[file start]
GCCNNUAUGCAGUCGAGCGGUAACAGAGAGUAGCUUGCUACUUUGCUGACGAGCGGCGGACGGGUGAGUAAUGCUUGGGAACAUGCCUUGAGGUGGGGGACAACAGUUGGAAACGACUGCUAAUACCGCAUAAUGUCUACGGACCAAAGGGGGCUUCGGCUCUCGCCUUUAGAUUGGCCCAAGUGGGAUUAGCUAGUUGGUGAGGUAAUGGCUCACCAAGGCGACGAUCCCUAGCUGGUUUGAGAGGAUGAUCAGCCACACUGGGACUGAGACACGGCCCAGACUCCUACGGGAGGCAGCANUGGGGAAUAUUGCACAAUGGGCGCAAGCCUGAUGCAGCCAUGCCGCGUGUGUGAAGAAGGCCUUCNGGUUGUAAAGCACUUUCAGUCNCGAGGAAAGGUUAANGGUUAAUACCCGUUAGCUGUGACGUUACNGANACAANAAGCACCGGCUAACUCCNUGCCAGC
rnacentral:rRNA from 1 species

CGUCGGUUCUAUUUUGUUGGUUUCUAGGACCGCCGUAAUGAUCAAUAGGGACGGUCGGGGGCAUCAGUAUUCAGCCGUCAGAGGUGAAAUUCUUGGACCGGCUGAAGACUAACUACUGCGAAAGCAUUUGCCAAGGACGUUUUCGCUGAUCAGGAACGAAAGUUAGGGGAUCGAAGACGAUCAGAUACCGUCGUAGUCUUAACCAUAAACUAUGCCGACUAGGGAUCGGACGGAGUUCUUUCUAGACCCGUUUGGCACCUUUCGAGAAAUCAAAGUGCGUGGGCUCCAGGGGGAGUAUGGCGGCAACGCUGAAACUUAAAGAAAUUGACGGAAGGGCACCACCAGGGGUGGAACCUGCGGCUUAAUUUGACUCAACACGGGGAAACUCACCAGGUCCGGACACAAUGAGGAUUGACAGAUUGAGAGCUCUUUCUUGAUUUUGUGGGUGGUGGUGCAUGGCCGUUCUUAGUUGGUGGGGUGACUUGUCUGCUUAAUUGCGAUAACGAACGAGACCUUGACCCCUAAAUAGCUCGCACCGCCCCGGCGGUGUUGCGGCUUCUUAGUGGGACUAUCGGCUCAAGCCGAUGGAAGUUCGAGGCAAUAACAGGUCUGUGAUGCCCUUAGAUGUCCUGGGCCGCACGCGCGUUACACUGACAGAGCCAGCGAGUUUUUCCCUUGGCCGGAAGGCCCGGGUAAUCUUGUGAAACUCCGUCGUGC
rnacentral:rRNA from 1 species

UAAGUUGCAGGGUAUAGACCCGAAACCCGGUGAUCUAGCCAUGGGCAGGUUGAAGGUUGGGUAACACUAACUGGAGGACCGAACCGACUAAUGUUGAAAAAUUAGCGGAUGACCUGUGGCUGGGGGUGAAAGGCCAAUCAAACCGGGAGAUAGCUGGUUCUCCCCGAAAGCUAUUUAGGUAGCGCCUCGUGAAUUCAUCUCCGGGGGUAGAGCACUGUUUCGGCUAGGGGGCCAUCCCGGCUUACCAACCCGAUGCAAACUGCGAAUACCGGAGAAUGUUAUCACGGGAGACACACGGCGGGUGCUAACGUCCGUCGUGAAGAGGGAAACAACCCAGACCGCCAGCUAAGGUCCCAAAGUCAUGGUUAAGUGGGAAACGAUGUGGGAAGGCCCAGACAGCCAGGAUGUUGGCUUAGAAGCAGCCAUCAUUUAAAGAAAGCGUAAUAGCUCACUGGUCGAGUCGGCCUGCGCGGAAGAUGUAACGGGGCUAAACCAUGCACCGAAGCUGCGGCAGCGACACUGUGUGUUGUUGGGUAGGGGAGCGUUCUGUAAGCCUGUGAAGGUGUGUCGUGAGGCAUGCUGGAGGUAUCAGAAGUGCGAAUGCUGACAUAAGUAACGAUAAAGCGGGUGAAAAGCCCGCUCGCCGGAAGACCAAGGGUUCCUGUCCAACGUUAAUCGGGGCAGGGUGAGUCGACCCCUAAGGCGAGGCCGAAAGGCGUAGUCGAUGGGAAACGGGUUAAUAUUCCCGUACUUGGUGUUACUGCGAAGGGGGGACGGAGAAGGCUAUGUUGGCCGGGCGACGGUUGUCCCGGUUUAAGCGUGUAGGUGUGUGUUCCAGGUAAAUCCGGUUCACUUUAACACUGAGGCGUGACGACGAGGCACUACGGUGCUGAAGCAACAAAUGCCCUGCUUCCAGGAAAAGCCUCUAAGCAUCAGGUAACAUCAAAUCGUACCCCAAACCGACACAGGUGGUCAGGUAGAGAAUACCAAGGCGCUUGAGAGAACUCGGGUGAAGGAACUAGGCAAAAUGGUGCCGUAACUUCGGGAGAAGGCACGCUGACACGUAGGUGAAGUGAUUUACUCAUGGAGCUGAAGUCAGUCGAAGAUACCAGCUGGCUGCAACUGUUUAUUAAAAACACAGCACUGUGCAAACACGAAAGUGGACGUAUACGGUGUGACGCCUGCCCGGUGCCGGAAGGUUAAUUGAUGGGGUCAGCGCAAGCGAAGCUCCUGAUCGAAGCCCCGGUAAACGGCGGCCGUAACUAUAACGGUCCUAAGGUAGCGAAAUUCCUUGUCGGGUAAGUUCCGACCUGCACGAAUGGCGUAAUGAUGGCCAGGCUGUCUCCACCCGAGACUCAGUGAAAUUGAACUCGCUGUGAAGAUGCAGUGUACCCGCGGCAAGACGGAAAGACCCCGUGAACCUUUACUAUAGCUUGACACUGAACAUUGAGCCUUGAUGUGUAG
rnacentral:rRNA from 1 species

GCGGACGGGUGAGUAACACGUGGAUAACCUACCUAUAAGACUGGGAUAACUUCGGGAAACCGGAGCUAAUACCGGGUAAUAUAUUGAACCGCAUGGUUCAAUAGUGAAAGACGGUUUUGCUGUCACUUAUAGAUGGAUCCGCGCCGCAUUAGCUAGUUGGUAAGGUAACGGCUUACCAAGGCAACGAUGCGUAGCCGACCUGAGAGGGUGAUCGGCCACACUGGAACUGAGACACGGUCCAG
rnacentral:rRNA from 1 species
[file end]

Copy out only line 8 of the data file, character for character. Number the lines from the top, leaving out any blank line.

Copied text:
rnacentral:rRNA from 1 species